Inspiration > Creating an Oasis from Local Materials
Peter and Joann Wood’s Center Harbor home can be best described as idyllic. Its many windows offer breathtaking views of Squam Lake, and the house— surrounded by trees—provides a serene getaway from the hustle and bustle of city life.
The Woods appreciate quiet living, as they were Manhattan residents for nearly forty years. Even though they visit New York often and hold a spot for the city in their hearts, the Woods decided to make their Center Harbor summer home their permanent residence in 2004.
“We loved being up here more and more,” Joann says. The Woods also wanted to move while still able to enjoy outdoor activities, such as hiking and kayaking.
Once the decision was made to leave the city, the Woods knew some renovations were needed to make their summer home comfortable year-round. For example, Joann wanted a “potting room” for indoor plants and cut flowers; Peter needed a home office with plenty of room for organizing papers and books; and both wanted a new master bedroom, bath and laundry room. To the couple’s delight, these additions created a three-sided courtyard area.
“We really came upon this accidently,” Peter says, while gesturing to the courtyard.
A Japanese Touch
Once discovered, the Woods saw their accidental courtyard as an empty canvas to create something beautiful.
An avid gardener, Joann began envisioning a Japanese-style garden. Through a friend’s recommendation, the Woods contacted Palmer Koelb of Shin-boku Nursery in Wentworth to help transform Joann’s idea into a reality and do some other landscaping around the yard.
“It was an interesting challenge,” Koelb recalls. “In the case of the Woods, their view of the garden/courtyard was from all the way around, as opposed to most houses where it is more two dimensional. I had to make it attractive from every view.”
Koelb achieved this by complementing an approximately sixty-year-old Hussi hemlock with his specialty, dwarf conifer trees. At Shin-boku Nursery, the conifers are grown for a few years in the ground and then planted into a large container. Some are nurtured at the nursery for twenty-five or more years. According to Koelb, the trees are “pain stakingly trimmed to produce a shape and personality consistent with the finest trimmed trees found in Japanese gardens.” Koelb can say this confidently because he and his wife spent three weeks in Japan in late 2008 touring and studying what he calls “the mecca” of Japanese gardens. These are the efforts Koelb goes through to ensure his trees look similar to those in Japan.
Koelb is realistic, however, and realizes that the Japanese climate differs from New Hampshire’s; trees that survive there, such as the Japanese black pine, cannot endure a New England winter. Consequently, even though the trees found at Shin-boku and in this Center Harbor yard look as if they could be from Japan, Koelb uses trees that can withstand Granite State temperatures. “Shin-boku Nursery has experienced minus-50 degrees, so you can be sure that these trees have really been coldtested,” Koelb says.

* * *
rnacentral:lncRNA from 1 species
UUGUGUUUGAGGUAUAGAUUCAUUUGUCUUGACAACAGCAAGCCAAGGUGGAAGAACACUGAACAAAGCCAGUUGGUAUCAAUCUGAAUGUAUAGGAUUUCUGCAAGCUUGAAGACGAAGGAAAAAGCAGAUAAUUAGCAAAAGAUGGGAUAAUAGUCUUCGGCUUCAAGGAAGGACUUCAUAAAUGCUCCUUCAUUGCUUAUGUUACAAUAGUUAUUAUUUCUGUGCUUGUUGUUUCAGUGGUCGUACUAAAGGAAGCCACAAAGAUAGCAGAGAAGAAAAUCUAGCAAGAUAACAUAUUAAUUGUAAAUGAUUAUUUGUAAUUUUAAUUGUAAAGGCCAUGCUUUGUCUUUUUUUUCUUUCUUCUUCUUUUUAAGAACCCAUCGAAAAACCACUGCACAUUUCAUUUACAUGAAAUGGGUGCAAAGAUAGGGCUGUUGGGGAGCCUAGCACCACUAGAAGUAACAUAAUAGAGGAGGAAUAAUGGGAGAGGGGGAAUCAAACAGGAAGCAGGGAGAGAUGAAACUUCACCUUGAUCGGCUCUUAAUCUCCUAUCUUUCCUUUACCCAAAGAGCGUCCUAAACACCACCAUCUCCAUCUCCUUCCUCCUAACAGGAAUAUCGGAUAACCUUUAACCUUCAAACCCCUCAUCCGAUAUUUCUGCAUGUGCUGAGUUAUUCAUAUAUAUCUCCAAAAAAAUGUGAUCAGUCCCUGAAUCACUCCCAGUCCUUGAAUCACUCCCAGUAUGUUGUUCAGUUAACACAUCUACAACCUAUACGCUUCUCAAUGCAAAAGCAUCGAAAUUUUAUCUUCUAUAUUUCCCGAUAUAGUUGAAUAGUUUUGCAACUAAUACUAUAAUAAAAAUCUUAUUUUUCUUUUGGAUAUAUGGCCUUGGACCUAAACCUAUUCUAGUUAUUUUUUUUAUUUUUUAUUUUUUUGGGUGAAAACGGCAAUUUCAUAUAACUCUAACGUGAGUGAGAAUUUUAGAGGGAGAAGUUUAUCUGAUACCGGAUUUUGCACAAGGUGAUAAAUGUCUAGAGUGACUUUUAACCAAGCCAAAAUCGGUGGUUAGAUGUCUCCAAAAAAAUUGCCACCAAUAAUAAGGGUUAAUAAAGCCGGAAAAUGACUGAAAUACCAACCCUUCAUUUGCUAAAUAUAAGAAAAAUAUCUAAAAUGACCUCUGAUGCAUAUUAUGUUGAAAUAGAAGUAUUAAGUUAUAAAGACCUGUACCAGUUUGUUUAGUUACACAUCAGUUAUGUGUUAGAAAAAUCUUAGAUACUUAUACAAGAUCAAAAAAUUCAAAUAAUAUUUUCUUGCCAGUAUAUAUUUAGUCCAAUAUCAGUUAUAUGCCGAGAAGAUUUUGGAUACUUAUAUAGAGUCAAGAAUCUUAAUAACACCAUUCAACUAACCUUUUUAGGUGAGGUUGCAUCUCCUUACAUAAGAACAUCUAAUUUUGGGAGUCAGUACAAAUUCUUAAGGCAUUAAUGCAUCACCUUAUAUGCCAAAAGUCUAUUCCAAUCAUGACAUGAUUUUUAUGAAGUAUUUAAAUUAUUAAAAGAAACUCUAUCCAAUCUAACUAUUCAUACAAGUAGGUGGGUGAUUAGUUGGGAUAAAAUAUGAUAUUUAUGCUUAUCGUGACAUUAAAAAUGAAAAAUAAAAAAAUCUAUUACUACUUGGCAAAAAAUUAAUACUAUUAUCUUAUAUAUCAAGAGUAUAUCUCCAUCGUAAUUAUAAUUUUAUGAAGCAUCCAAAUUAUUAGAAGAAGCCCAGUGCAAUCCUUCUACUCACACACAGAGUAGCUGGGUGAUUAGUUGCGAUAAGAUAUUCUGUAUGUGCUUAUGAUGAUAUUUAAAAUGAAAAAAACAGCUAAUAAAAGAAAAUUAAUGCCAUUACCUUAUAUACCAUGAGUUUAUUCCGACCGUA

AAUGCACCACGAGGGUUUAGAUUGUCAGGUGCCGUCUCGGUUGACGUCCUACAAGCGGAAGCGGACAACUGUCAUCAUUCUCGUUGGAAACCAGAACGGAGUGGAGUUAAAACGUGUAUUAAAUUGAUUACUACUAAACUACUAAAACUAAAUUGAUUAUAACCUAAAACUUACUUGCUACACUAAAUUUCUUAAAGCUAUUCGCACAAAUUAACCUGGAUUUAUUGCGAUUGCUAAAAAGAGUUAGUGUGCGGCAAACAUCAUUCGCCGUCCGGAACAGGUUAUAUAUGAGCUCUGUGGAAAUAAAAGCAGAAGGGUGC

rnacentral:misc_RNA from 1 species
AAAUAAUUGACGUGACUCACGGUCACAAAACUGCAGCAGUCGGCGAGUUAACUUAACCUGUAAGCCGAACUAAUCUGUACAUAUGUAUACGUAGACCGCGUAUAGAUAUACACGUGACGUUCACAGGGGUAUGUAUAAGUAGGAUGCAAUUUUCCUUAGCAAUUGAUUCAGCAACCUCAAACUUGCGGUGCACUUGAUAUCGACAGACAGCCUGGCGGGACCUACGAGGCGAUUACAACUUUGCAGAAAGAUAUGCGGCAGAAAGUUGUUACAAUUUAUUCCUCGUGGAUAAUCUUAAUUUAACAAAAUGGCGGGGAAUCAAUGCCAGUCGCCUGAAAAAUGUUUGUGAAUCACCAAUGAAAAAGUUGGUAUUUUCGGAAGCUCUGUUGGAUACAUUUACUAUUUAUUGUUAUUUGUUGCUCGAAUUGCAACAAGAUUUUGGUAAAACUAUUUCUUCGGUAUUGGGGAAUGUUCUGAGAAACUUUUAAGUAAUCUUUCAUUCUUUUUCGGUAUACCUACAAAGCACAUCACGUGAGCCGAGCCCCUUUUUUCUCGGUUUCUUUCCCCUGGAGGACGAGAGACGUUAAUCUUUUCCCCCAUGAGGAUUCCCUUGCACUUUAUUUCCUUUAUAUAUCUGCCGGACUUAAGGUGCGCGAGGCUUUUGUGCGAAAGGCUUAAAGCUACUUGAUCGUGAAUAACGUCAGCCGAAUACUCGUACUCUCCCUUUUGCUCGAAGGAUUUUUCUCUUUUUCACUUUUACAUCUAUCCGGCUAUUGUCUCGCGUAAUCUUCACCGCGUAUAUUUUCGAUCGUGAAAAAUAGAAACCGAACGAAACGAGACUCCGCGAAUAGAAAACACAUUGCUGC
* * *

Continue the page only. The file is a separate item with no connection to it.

Joann confirms that her Japaneseinspired garden withstands the winters quite nicely and, in fact, makes her yard look rather sculptural once snow flies. “In colder months, my other gardens are of minimal interest. I do try to have plantings that are of winter interest, but Palmer’s garden, however, is always beautiful,” Joann says.
An Island Patio
Adding to the garden’s beauty, Koelb used an oil-bearing shale purchased at a nearby quarry for the patio stone, and moss and lichen stone collected from his fields and woodlot as a border. Using shale this way, instead of steppingstones, was a departure from the Japanese aesthetic, but the homeowners wanted their garden to serve as a patio and for their chairs to be steady on the flat surface. So Koelb accommodated the couple’s needs by creating a garden with “Japanese flavor.”
The oil-bearing shale creates a waterlike shimmer, giving the couple their own “island” in the courtyard. During warmer weather, the courtyard becomes even more island-like, thanks to a soothing trickle of water that circulates throughout the stone wall (a pump was placed in a basin-like area at the foot of the wall).
The stone wall was built by Scott and Rick King of King’s Stone Masonry and Landscaping, LLC in Holderness, who built a stone fireplace for the couple’s living room in 1996. The brothers used native stones for both the fireplace and the wall—the majority of stones were Winnipesauke feldspar granite, a stone the Kings use frequently in their work.
With the completion of the stone wall, two former New Yorkers suddenly had a Japanese-inspired oasis in the center of their New Hampshire home—a space that almost never was.
According to a Japanese proverb, “Silence surpasses speech.” This is easily appreciated by sitting on the Woods’ patio, listening to the peaceful sounds of trickling water and gazing at Koelb’s impeccably trimmed trees.